For adults with autism, having a safe place to work out stress, engage the senses and regain focus on goals, makes a meaningful day possible. You can make a difference in the life of people served by ADEC by choosing to give to the pilot Day Services Sensory Room project at Middlebury Day.
This pilot project, initiated by Middlebury Day managers Margaret Cook and Kayla Simmons, will serve as a way for ADEC to try something new and observe how it better serves our consumers. Many of the clients at Middlebury Day fall on the autism spectrum and have sensory needs.
In order to make the Sensory Room come to fruition, ADEC has launched a #GivingTuesday fundraiser with the goal of raising $3,000 on or by Tuesday, Dec. 1. #GivingTuesday was launched in 2012 as a way to encourage giving and spread nonprofit awareness during the busy holiday season. The thought was we have Thanksgiving, Black Friday and Cyber Monday, why not have a day dedicated to giving back to the nonprofits who make a difference in our community?
You can help ADEC make a difference this #GivingTuesday by giving yourself or encouraging your friends to give via social media. We decided to use a new charity platform from the established crowdfunding site Indiegogo since they do not require any fees. All gifts go 100% to helping ADEC clients live a life of choice and possibility. Be sure to check back to the fundraising page on frequently to check our progress! Share our #GivingTuesday appeals on your own social media sites to increase exposure.
In the meantime, meet three of the people who will benefit from having a Sensory Room at Middlebury Day.
Greg (pictured above) enjoys his time at Middlebury Day. He comes ready to participate with a good attitude. However, the feeling of being in a crowd can become overwhelming. When he needs to get away, he heads out the door to stand on the porch and breathe in some fresh air.
Sometimes, it’s rainy and windy. Other times, the temperature is low and snow lines the porch. Regardless of the weather, Greg throws on a coat and runs out to have a personal time-out.]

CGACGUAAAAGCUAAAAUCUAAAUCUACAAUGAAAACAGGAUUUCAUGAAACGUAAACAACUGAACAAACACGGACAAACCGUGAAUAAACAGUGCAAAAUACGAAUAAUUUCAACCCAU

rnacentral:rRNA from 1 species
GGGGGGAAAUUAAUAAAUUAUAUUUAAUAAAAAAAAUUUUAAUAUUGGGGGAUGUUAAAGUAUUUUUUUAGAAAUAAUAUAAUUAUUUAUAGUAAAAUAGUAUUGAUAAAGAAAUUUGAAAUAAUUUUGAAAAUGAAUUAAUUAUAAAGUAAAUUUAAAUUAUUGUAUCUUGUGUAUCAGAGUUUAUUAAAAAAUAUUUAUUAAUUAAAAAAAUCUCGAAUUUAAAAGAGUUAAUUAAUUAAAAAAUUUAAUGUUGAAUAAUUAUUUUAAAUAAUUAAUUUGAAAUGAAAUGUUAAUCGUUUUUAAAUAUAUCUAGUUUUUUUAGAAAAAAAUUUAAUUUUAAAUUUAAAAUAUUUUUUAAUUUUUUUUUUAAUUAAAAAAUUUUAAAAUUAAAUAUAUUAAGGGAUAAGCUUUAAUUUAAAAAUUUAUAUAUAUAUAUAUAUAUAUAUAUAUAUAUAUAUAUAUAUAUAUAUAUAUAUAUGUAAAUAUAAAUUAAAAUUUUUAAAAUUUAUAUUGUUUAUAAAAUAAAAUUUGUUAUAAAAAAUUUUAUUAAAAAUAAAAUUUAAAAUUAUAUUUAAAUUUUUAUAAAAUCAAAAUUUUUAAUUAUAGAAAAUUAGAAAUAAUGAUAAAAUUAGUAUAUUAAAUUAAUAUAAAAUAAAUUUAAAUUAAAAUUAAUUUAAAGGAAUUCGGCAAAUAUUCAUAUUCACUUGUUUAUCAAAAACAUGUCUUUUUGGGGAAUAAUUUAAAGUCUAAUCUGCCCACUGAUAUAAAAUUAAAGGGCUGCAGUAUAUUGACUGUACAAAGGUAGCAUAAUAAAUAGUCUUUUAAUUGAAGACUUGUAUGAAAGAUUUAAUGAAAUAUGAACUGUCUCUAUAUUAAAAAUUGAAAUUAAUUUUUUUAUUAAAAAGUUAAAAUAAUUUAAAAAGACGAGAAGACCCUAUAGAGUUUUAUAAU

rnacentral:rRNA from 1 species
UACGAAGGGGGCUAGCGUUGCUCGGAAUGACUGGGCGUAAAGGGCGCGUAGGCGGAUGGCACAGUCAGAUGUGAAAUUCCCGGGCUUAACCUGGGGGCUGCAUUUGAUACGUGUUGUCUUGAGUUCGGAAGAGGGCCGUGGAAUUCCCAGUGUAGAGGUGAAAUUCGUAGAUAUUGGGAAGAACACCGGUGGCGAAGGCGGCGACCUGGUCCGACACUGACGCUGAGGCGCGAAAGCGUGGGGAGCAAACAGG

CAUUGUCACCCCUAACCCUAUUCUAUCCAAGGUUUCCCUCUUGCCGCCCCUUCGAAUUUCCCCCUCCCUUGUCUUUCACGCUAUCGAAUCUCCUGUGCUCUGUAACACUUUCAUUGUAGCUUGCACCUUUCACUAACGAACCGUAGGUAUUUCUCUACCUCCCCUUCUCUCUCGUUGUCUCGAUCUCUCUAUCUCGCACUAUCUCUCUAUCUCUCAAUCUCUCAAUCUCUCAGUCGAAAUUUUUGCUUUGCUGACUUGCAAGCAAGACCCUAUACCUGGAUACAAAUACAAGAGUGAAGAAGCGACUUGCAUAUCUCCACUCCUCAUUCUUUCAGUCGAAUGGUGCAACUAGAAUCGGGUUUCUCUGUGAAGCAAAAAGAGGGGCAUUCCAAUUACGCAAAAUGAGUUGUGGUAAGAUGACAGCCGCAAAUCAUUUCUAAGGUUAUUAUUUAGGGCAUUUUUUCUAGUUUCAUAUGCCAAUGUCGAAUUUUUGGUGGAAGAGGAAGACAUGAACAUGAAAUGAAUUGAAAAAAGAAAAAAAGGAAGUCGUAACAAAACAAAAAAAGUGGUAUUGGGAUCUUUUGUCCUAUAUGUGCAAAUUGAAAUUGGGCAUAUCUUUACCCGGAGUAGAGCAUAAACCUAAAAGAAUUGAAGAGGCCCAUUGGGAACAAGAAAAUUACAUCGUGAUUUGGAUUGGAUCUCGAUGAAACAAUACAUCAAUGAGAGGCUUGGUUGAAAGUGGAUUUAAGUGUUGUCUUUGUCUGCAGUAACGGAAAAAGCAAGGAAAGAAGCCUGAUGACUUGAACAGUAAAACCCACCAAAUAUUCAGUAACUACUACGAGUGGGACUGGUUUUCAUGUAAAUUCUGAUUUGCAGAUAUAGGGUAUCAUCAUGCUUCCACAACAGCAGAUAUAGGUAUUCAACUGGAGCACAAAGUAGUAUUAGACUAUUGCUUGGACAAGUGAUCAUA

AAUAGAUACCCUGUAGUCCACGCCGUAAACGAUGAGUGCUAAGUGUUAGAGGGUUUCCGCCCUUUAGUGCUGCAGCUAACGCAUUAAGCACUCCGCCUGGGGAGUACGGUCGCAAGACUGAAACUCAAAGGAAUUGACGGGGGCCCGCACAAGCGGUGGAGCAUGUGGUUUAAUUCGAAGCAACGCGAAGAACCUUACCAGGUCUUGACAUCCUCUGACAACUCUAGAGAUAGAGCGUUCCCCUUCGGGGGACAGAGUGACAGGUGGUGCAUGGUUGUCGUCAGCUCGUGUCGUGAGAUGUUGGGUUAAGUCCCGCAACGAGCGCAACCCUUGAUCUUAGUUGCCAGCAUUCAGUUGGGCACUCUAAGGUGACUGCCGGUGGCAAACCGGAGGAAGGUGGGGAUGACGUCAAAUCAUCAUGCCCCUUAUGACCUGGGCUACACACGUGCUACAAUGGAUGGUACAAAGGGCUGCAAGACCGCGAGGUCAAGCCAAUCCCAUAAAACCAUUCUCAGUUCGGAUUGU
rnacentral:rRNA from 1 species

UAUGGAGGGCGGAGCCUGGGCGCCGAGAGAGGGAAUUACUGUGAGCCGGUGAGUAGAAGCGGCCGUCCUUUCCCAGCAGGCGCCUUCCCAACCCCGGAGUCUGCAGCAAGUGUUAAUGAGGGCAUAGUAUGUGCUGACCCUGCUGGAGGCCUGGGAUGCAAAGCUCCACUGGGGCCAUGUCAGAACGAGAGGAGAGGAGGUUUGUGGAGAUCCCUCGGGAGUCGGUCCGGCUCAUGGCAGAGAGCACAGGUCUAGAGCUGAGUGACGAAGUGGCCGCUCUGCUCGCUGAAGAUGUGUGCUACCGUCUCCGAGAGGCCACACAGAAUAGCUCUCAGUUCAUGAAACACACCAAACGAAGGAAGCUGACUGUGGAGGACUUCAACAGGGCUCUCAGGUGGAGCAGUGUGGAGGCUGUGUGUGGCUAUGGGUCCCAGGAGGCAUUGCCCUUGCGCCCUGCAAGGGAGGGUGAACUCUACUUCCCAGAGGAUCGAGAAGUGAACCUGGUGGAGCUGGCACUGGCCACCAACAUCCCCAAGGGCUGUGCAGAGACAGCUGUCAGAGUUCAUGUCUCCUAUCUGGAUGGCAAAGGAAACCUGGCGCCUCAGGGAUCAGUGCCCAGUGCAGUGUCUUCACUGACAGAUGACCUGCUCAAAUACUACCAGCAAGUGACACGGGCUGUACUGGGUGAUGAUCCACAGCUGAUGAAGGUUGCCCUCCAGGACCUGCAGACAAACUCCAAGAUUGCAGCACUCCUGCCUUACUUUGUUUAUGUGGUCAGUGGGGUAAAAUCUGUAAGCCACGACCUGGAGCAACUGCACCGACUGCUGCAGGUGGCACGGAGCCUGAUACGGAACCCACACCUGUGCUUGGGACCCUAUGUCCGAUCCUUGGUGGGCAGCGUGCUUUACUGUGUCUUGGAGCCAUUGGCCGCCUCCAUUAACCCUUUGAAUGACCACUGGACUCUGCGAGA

Introducing a Sensory Room will give Greg a safe place to go when the room starts to feel too full. He’ll be able to listen to calming music, trace his fingers on the light table and engage with the various textures on the wall. He will breathe out frustration and breathe in a sense of security, a sense of belonging.
Stephen looks forward to spending time at ADEC’s day services. He arrives with a smile and plans to complete the day’s activities.
However, as he tries to participate, distraction takes over. The loud conversation nearby, the girl playing a game on a computer and the news report booming through the TV all happening at once make Stephen feel overwhelmed. He begins to poke at his staff members and rock himself, unable to process all of the activity occurring around him.
He looks for a safe spot to take a moment and work out his anxiety before returning to his task. There’s no place to go.
When Zach is at home with his mom, he can’t stop talking. He tells her about his day and his interests, going with whatever enters his mind. However, when Zach comes to Middlebury Day, he gets quiet.
The feeling of being in a room with several other people talking and moving about overwhelms him. He is eager to work on vocational projects and has the skills to work independently if he focuses, but more often than not, he shuts down. Since he does not talk much, staff members can’t be sure what he enjoys. They have noticed he paints some and likes to be on the computer, but they haven’t been able to gauge his interests otherwise.
Having a Sensory Room will give Zach a place where he can self-soothe, enjoy the calm and immerse himself in sensory activities to regain focus. In turn, staff members feel he will open up and begin talking more, giving them a chance to learn what he enjoys so they can plan a more meaningful day for him.
What will be included in the Sensory Room?
- Touch responsive light table: Accessories will include colored sand, water beads, and easily manipulable plastic shapes
- Adjustable weighted blanket
- Music player with headphones: A variety of music will be available, from calm tones to heavy metal, to meet each consumer’s needs for rest, relaxation, adrenaline and other desired feelings.
- Textured wall hangings
- iPad loaded with sensory games and activities
- Bean bags
- Exercise ball
- Hand and feet vibrators
- Sound diffusing walls
Fast Facts about Autism
More than 3.5 million Americans live with an autism spectrum disorder. (Autism Society)
Prevalence of autism in U.S. children increased by 119.4 percent from 2000. (Autism Society)
The point of a sensory room is to calm or stimulate an individual through each of the senses.
Many people with autism have sensory sensitivity. This can affect one or more of the five senses sight, sound, smell, touch and taste. A person’s senses can be over-developed (hypersensitive) or under-developed (hyposensitive). Both can have an impact on how people experience, and cope with, different environments. (National Autistic Society)
Article by Whitney Craig / Communications Specialist
Photo and Graphic by Rod Tackett / Communications Specialist